It’s such a simple dress, four pattern pieces. Sometimes that’s just what I love to wear the most – very simple clothes that fit (loosely) and flatter – that’s enough more days than not. This is one of those dresses where you can let the fabric sing. Now I want one in a floral (of course). You can bet there will be exactly that in my summer wardrobe this year.

An amazingly quick and gratifying make. I love the neckline and you can wear it either way. I love the V-neck, it’s not too deep or too wide.

This dress has a front and back centre seam. I did think about eliminating them – however with this fabric you can’t see the seams so I chose to leave them.

I love Papercut Patterns. I’ve actually got quite a collection, I just haven’t had a chance to sew them all, except the Saiph Tunic and the Bellatrix Blazer.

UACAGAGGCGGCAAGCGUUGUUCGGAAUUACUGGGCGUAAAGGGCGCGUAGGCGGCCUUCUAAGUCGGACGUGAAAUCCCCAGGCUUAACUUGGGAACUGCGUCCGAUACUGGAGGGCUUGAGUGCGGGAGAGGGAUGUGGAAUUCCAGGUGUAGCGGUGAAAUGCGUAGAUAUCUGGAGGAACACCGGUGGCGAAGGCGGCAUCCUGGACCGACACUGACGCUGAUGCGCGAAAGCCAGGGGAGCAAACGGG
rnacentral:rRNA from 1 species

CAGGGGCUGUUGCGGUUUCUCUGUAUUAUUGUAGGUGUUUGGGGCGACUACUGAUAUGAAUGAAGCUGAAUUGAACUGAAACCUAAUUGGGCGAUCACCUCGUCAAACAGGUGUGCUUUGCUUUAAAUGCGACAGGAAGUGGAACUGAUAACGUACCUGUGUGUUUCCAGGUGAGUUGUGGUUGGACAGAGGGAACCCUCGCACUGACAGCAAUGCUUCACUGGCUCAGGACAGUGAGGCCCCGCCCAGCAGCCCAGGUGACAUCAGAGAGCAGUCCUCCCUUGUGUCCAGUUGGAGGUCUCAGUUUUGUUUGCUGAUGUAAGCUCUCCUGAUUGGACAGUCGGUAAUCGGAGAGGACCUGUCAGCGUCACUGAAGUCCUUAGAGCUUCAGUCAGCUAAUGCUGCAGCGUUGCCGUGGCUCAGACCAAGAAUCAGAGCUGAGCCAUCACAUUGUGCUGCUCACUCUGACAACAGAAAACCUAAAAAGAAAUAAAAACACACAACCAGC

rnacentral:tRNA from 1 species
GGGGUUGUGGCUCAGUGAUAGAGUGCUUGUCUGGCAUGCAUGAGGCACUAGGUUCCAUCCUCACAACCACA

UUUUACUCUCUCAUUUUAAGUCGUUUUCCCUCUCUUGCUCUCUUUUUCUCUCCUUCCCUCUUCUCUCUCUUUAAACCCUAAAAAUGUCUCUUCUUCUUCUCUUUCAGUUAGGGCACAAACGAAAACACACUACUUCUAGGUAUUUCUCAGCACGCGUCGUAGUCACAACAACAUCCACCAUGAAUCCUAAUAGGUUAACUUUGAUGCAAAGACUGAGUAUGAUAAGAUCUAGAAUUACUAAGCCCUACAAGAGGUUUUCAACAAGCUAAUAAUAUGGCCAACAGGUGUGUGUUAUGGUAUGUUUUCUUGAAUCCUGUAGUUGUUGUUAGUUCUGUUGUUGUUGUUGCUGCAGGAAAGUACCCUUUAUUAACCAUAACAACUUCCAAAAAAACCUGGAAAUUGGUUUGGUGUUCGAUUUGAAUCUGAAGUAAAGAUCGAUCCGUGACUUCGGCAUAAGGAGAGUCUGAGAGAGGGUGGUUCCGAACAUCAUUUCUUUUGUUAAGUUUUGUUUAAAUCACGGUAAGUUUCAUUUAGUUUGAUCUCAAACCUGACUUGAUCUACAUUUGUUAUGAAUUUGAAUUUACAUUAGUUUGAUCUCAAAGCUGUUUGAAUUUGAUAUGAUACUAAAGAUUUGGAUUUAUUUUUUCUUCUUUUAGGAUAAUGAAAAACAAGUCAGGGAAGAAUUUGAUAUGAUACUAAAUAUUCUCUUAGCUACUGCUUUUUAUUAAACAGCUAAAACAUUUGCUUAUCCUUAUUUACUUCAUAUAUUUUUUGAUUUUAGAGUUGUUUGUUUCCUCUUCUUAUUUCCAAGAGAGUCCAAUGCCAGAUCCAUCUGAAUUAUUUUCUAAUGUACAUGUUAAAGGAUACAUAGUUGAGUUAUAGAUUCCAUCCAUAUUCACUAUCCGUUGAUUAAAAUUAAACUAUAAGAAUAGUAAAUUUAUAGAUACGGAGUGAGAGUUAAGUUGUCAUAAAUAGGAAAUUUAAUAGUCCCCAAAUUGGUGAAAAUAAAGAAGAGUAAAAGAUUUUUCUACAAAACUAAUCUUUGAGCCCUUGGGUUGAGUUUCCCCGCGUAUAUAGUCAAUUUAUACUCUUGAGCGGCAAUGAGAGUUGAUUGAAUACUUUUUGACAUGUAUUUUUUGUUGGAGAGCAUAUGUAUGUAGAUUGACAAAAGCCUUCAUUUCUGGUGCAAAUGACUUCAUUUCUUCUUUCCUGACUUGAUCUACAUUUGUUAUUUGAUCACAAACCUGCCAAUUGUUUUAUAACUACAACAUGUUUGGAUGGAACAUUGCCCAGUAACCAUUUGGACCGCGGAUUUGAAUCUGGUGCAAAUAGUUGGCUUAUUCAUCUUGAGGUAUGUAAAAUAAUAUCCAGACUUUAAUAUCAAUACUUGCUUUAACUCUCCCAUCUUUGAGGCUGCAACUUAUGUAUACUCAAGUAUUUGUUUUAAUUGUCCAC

The patterns come in a sturdy cardboard package, the pattern photo can be removed from the package… where you will discover all the measurements and fabric requirements. These really do look and feel like excellent value for money – the sort of pattern you keep and display on your shelf. Check them out here.

The patterns are easy to trace and the instructions are thorough without being too wordy. You can cut up the pattern and cerate a booklet from the instruction section of the sheet – however I can’t bear to cut these lovely patterns up.


The Guise Pants (traced). I was initially a little hesitant about these – the back waist is elastic however I’ve seen some great reviews (Gingermakes and Jolies Bobines – and I am going to try them. In basic black. I’ve also cut out the Flutter Tunic .


Katie has offered a Papercut pattern as a giveaway – I’m a little tired this week so let’s do it with my next Papercut make! Watch this space.

Pattern: Sway Dress by Papercut Patterns, I made XXS cut to the longer hemline.
Fabric: Mystery woven from Spotlight (bargain table)